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Ladder 49 - Preview



Preview by: Jack Foley

THE American firefighter will forever hold a place in the hearts of the world since the events of September 11, 2001. But their use in movies is nothing new, having been immortalised in the likes of Ron Howard’s Backdraft, as well as, to a lesser extent, in movies such as Frequency (starring Dennis Quaid).

One of Touchstone’s big releases of the year, however, Ladder 49, could well capitalise on the current fascination for the fire service, by turning in a genuinely affecting character study, coupled with the spectacle of any film involving burning buildings.

The film stars Joaquin Phoenix as an everyday fire hero, who finds himself trapped in an inferno, awaiting rescue, who uses the time to reflect on his experiences and relationship with his commanding officer, John Travolta.

It is due for release in the UK on January 21, , 2005, and is devised, in part, as a tribute to the heroics of the fire service, in general. As such, some 30 real-life firefighters are said to cameo in the film’s fire-fighting scenes.

The stars, themselves, were dedicated to honouring the service they are seeking to portray and, according to an extensive article (and photos) on the website, firehouse.com, spent a lot of time with members of the Baltimore fire service, at the city training academy.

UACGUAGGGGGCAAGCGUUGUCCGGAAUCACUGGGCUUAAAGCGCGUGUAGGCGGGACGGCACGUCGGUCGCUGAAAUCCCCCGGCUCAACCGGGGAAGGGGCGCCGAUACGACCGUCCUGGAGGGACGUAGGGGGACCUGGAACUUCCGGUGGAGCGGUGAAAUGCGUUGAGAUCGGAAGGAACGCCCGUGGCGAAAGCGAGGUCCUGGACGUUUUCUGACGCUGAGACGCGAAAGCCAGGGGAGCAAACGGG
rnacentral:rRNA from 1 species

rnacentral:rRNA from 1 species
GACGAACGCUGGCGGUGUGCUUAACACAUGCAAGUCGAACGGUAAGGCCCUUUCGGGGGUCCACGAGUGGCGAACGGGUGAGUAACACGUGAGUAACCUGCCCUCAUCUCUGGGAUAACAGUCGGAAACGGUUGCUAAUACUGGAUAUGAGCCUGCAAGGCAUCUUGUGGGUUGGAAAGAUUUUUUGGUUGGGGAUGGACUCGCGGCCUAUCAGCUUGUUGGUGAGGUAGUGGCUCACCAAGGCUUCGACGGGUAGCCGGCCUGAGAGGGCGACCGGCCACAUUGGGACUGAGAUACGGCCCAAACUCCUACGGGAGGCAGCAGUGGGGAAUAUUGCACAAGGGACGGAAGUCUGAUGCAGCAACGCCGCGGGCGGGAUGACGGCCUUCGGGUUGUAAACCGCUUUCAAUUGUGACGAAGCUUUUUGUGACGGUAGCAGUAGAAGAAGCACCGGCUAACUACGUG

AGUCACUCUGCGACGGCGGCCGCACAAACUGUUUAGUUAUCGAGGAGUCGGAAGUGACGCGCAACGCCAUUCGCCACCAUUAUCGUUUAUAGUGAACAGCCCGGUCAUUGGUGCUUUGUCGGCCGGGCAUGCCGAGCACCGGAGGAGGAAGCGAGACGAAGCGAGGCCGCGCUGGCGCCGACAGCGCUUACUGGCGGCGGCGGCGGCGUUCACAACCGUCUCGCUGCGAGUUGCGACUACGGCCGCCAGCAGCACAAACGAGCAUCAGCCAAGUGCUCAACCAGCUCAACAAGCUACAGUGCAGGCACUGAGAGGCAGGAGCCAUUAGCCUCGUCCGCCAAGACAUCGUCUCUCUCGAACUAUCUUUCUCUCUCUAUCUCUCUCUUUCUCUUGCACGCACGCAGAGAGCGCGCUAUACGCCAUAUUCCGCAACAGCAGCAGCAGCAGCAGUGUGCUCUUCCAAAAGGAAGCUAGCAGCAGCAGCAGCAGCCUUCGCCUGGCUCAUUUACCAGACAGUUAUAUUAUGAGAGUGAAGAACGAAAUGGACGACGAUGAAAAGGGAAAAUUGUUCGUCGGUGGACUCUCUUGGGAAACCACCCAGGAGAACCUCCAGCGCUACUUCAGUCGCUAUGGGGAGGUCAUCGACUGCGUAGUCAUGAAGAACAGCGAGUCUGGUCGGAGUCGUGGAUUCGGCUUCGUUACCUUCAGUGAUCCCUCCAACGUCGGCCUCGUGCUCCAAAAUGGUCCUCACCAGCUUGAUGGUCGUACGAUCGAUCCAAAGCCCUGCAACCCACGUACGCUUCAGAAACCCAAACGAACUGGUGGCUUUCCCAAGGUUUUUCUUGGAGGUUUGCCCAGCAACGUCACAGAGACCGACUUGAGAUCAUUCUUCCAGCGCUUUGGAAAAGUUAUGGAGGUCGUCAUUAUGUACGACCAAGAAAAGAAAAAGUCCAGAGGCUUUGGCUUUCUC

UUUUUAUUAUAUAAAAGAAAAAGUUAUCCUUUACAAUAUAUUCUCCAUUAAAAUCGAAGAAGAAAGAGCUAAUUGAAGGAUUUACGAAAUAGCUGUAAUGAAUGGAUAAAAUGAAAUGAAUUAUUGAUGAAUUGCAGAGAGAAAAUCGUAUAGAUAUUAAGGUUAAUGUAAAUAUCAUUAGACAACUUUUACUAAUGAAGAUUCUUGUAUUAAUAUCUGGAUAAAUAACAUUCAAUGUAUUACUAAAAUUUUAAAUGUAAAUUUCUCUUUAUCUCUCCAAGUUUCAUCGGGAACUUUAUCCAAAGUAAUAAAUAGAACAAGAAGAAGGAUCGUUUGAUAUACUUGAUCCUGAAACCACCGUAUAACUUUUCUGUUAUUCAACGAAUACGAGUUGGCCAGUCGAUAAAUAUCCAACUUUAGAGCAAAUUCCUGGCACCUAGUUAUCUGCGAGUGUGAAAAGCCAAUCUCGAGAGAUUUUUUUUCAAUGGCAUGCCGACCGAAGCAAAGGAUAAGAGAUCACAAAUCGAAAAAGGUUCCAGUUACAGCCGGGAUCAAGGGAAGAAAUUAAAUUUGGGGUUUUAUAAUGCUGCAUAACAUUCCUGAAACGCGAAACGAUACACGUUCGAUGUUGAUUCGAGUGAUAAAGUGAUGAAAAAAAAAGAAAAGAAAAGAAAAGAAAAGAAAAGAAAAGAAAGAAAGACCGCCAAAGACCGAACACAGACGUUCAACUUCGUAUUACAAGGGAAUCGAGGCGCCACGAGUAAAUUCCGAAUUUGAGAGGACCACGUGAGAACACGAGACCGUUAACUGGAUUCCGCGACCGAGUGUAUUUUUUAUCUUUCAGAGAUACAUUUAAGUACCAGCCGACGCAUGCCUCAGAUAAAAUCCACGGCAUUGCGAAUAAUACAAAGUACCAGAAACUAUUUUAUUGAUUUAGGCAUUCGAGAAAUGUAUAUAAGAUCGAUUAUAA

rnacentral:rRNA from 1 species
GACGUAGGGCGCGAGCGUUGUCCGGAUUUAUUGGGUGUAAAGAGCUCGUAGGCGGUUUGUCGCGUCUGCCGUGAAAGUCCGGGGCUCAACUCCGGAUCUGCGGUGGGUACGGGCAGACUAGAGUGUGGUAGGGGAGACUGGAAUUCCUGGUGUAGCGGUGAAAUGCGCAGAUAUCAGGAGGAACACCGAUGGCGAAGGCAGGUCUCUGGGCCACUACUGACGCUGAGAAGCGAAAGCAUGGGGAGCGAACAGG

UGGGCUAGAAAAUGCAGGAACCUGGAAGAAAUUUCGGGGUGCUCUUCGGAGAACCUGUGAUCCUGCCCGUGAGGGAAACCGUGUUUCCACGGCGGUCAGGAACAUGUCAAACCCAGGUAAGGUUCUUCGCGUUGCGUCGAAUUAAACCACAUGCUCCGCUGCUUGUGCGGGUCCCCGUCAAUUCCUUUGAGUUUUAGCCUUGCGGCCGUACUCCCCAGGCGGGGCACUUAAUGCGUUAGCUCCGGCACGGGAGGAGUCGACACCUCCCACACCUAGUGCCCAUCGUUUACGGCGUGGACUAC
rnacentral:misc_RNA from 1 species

Phoenix, especially, enjoyed the challenge of becoming personally involved and jumped in with an academy class, subsequently graduating with class members. He even spent a number of weeks working a shift with a west Baltimore truck company.

He is also said to have ‘knocked down some fires’, or ‘slayed the dragon’, and admits to having lost the hose line in trying to make an exit.

Both he and Travolta remain tremendously humbled by their experience and are both aware of the importance of learning the job, so they can portray it correctly in the film.

Another interesting fact is the presence of female lead, Jacinda Barrett, who’s firefighter father only recently retired after 33 years.

Barrett, who plays Phoenix’s wife, has likened the film to her parents’ story and drew a lot of comparisons between elements of the story and her time growing up in Brisbane, where her father worked with the emergency services.

She fondly remembers the sense of pride she felt whenever she saw her father in newspaper clippings or on television, and loved being around him and his firefighter colleagues, who possessed a tremendous amount of respect for each other.

It is the bond which exists between members of the fire service which will play a significant part of the movie, as well as the required spectacle of the set piece blazes.

Jay Russell (Tuck Everlasting) directs from a script devised by Lewis Collick (of Domestic Disturbance and October Sky).

There is no word, as yet, on whether the subsequent picture looks like being one of the year’s hottest prospects.

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